Agriculture and Climate

January 29, 2021

January 29, 2021

Hello everybody out there in farm country. This radio commentary is brought to you by the National Corn Growers Association, CropLife America, and Renewable Fuels Association. They are all friends, supporters, and allies of a healthy farm economy and prosperous rural America. Thank you.

And now for today’s commentary –

This is Randy Russell sitting in for my good friend Jack Block. And now for today’s commentary.

The Biden Administration and the Democratically controlled Congress have made climate one of
its top priorities for 2021. President Biden has named former Secretary of State John Kerry as
International Climate Envoy and former EPA Administrator Gina McCarthy as Domestic
Climate Advisor. At USDA, long-time climate expert Robert Bonnie has been named Deputy
Chief of Staff to Secretary Tom Vilsack and Climate Coordinator.

No one has to tell those in agriculture about the impact of climate variability. A recent Iowa State University survey found that 81% of Iowa farmers believe climate change is occurring and over half are concerned about its impact on their own farming operations. According to EPA, a total of 77% of total greenhouse gas emissions come from the transportation, electricity, and manufacturing industries. Agriculture is estimated to contribute about 10% of greenhouse gas emissions. Back in 2009, the Democrat-led House of Representatives attempted to impose a cap-and-trade program for greenhouse gases. This initiative failed because it represented a top-down, government-mandated reduction in greenhouse gas emissions.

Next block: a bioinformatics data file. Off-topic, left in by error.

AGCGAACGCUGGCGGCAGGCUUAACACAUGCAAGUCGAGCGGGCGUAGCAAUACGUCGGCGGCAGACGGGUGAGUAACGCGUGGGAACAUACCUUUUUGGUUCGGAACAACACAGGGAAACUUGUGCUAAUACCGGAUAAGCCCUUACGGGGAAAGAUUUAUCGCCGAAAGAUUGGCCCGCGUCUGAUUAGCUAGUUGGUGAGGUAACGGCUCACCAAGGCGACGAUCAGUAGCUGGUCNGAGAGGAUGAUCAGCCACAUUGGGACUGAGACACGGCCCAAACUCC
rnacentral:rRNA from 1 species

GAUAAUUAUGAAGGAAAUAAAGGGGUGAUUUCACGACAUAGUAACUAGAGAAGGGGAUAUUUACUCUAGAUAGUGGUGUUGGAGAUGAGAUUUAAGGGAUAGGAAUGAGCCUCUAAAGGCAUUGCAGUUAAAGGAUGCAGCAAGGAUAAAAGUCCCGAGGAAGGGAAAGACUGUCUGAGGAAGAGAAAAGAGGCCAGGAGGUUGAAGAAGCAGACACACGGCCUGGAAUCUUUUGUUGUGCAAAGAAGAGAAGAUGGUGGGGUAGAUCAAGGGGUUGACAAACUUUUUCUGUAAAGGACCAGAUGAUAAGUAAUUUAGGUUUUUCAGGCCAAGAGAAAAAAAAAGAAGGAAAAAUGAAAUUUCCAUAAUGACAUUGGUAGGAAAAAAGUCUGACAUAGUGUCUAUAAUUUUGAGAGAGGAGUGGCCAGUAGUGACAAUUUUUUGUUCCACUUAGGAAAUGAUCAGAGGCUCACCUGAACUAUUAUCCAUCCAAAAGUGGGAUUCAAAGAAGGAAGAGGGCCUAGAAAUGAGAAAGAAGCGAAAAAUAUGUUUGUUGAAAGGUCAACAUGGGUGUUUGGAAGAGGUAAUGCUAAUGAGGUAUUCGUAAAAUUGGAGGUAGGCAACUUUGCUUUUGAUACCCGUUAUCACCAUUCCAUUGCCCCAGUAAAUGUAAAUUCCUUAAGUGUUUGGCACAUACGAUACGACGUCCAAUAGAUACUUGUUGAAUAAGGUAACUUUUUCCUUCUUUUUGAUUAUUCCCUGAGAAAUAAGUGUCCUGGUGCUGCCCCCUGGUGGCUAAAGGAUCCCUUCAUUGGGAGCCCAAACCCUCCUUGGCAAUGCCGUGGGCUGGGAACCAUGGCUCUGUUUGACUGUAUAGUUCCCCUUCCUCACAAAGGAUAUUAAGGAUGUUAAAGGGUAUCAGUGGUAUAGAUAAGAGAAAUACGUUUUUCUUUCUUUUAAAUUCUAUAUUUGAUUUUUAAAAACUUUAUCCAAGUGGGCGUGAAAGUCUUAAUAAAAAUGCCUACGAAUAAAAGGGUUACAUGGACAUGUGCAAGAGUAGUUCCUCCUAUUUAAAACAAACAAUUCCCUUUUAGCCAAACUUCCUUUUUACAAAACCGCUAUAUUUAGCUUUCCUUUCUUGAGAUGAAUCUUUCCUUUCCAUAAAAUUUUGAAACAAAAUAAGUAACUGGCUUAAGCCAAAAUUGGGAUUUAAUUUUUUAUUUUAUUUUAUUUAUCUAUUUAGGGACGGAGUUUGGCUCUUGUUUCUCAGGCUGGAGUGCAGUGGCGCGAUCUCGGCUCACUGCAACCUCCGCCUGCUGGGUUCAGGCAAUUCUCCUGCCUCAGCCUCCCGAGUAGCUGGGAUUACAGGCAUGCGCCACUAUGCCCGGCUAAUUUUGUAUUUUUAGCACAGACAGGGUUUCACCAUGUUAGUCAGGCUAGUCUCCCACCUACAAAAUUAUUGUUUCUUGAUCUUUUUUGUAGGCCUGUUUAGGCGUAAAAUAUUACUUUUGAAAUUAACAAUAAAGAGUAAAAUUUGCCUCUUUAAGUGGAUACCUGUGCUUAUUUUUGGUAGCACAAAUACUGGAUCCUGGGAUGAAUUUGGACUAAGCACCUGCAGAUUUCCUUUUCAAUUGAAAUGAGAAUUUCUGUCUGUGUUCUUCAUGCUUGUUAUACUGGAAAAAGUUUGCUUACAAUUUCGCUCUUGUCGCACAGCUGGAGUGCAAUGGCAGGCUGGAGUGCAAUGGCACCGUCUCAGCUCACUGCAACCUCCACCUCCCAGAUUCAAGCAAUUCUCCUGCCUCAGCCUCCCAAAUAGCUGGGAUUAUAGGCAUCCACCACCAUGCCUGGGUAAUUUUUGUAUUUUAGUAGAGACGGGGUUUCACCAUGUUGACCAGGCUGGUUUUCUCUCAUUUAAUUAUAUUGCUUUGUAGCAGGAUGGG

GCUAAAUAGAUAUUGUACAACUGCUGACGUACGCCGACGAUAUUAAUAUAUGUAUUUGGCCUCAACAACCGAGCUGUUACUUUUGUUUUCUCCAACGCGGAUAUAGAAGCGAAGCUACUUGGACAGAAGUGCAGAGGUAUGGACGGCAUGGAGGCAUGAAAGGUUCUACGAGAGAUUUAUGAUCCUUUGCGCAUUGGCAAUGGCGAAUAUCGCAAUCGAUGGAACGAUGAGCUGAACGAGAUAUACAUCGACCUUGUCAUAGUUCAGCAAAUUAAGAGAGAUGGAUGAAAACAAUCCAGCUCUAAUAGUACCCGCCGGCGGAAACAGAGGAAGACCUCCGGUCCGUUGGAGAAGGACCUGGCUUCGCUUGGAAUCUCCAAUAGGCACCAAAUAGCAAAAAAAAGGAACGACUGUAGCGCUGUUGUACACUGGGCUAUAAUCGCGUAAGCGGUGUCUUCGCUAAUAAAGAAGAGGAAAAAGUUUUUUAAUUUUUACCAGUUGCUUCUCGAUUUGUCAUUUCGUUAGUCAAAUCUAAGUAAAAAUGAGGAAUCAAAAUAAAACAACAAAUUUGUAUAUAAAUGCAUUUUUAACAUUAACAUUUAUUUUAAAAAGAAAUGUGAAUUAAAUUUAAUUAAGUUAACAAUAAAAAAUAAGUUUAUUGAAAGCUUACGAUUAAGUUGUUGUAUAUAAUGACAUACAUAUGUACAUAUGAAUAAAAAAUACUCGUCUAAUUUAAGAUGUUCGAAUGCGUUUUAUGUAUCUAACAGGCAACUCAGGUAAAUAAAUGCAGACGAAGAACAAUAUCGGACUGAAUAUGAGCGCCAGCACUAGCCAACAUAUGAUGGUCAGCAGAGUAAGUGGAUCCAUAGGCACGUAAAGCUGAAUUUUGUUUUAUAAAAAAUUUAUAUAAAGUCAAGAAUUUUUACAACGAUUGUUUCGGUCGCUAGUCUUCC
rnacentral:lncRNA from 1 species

Over the last 12 years, much has changed in agriculture and our view towards climate. Enormous
strides have been made in developing effective measurement and verification tools for carbon
captured in soil and in our nation’s forests. In addition, the dairy and livestock sectors have made
significant strides in methane reduction through changes in feed, technology and the use of
digesters. And biofuels have been shown to play a positive role in reducing agriculture’s climate

So, for agriculture what does a workable and effective climate policy look like? First, agriculture must have a front-row seat at the table in these discussions with Congress and the Biden Administration. Second, sound science must drive outcomes. Third, the government should encourage and help foster the growth of private markets. Private, not government markets, are critical to addressing climate and generating revenue for farmers. Great companies such as Cargill, Land O’ Lakes, Bayer, Nutrien, Indigo Agr, and Corteva are already working to build and participate in such private markets. Finally, the Government must incent farmers and ranchers through tax credits and/or payments to adopt practices to capture carbon and reduce methane emissions.

With these in place, the efforts to address climate for U.S. agriculture can be a win-win—good for the environment and a revenue generator for our Nation’s farmers and ranchers. This is Randy Russell in Washington sitting in for Jack Block.

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